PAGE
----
Consider the Nuclear Regulatory Commission. Its Differing Professional Opinion program’s “rare degree of transparency is laudable,” the report says, “even as it reveals a troubling picture.”
Citing a 2016 survey, the report says 100 percent of responding NRC employees felt the agency’s process “led to negative consequences, such as changes to their professional responsibilities or being excluded from meetings or career development opportunities.”
In a statement, the NRC said it “continues to work to resolve differing views on agency regulatory actions with no fear of reprisal by the employees for their perspectives.”
Complaint pathways generally include an internal agency website for staff comments that are reviewed by a designated office, which sends them to the appropriate official. Some agencies allow anonymous comments, and some do not.
Whatever the process, whistleblowing is a risky business for federal employees. Retaliation is real for many feds who dare to speak against wrongs.
Just ask retired Lt. Col. Alexander Vindman and former ambassadors Marie Yovanovitch and Gordon D. Sondland, who lost their high-powered positions after telling the truth about President Trump during House hearings that led to his impeachment.
One prominent use of protest platforms occurred in 2017 when 1,000 State Department employees used its Dissent Channel to complain about Trump’s initial travel ban against some Muslim-majority countries. Fanning the fear of retribution, then-White House press secretary Sean Spicer said the dissenters should “get with the program or they can go.”
The report noted a “heightened risk of retaliation against dissenters under the current administration.” It said “despite professing to prize independent and critical thought, bureaucracies often tend to penalize it in practice, especially when it . . . might embarrass or anger agency leadership and even the White House.”
Data from the Best Places to Work in the Federal Government report, compiled by the Partnership for Public Service from federal employee surveys over 10 years, indicate steadily increasing agreement that employees can disclose violations “without fear of reprisal.”
Yet, the portion never exceeded 67 percent, which means almost 700,000 employees disagree.
Although Trump’s acts of revenge are notably egregious, reprisals against federal whistleblowers are not bound by party or administration. Procedures designed to facilitate “open, creative, and uncensored dialogue,” as the State Department describes its channel, frequently do not, particularly before bad things happen.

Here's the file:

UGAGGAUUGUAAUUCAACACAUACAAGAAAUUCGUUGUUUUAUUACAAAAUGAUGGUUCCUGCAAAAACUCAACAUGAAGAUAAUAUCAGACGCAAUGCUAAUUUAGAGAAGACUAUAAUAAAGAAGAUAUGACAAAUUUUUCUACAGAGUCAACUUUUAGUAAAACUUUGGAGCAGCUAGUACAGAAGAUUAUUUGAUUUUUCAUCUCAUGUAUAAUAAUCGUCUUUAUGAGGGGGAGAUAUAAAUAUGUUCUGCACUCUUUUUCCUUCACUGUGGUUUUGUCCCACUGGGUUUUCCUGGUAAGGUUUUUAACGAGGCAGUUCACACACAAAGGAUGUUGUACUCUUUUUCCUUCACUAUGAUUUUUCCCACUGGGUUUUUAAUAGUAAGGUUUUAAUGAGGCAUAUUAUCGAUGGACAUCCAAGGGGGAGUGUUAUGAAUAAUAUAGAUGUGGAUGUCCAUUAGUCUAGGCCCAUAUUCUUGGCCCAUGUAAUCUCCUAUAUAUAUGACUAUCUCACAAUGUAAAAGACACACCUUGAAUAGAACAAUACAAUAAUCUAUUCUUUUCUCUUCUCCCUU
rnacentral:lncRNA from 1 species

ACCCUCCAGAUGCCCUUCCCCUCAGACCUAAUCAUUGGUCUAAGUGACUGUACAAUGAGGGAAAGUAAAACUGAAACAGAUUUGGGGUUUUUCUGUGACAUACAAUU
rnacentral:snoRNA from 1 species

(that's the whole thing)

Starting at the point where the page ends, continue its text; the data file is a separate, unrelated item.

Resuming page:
The report suggests that future reviews of Trump administration policies related to the coronavirus pandemic may unearth instances of federal employees whose unheeded warnings might have saved lives.
Similarly, the report says a future look back at the “innumerable unjust deaths of Black Americans at the hands of police” could result in a revisit of “policy changes made early in the Trump administration that significantly eased federal civil rights oversight of local law enforcement” and possibly enabled more police abuses.
Yet as POGO authors Daniel Van Schooten and Nick Schwellenbach note, “retrospective oversight is no substitute for mechanisms . . . that offer a protected channel for employees to propose policy changes or point out concerns with policies before a disaster occurs.”
That’s what the dissent channels are designed to do. Most agencies don’t provide dedicated channels for dissent. The report authors found only a half-dozen.
The first one was created in 1971 after William Rogers, secretary of state during the Nixon administration, realized he wasn’t getting accurate information about the Vietnam War. It’s not used much, only five to 10 times a year.
A State Department statement did not directly address questions about its Dissent Channel, but did say that “this is an important process that the Secretary and State Department senior leadership value and respect. . . . We welcome all points of view and opinions as part of this process.”
Usage might be low because the agency’s Dissent Channel seems useless to some employees. Citing a dissenter who criticized responses as “mealy-mouth,” the report said that “it’s common for dissenters to receive a response that does not engage the merits of the dissent.”
Even worse is when the response is retaliation.
Raymond Gallucci of Frederick knows about that. He described his NRC experience two years ago in a 2017 letter to The Washington Post.
“I have filed three differing professional opinions, and I have found myself not being assigned to projects or excluded from working groups on which I am ‘the’ agency expert, or being denied support for professional conferences that others with smaller roles and fewer presentations are permitted to attend,” Gallucci wrote, adding, “It is a sad state when one is ostracized for speaking up.”